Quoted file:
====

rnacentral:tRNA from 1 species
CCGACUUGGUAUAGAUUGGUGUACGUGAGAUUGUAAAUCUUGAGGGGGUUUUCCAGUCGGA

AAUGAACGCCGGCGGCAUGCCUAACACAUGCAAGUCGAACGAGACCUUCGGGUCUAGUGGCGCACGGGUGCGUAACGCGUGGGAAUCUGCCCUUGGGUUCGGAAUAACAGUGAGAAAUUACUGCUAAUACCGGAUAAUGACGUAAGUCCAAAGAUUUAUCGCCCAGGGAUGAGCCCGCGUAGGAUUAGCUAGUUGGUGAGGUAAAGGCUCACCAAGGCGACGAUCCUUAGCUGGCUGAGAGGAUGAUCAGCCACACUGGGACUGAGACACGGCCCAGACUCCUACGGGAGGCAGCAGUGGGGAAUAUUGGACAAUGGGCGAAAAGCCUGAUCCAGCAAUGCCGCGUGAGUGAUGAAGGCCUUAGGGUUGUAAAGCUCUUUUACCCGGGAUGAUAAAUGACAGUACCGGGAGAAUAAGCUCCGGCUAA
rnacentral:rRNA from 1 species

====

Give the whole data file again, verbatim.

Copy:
rnacentral:tRNA from 1 species
CCGACUUGGUAUAGAUUGGUGUACGUGAGAUUGUAAAUCUUGAGGGGGUUUUCCAGUCGGA

AAUGAACGCCGGCGGCAUGCCUAACACAUGCAAGUCGAACGAGACCUUCGGGUCUAGUGGCGCACGGGUGCGUAACGCGUGGGAAUCUGCCCUUGGGUUCGGAAUAACAGUGAGAAAUUACUGCUAAUACCGGAUAAUGACGUAAGUCCAAAGAUUUAUCGCCCAGGGAUGAGCCCGCGUAGGAUUAGCUAGUUGGUGAGGUAAAGGCUCACCAAGGCGACGAUCCUUAGCUGGCUGAGAGGAUGAUCAGCCACACUGGGACUGAGACACGGCCCAGACUCCUACGGGAGGCAGCAGUGGGGAAUAUUGGACAAUGGGCGAAAAGCCUGAUCCAGCAAUGCCGCGUGAGUGAUGAAGGCCUUAGGGUUGUAAAGCUCUUUUACCCGGGAUGAUAAAUGACAGUACCGGGAGAAUAAGCUCCGGCUAA
rnacentral:rRNA from 1 species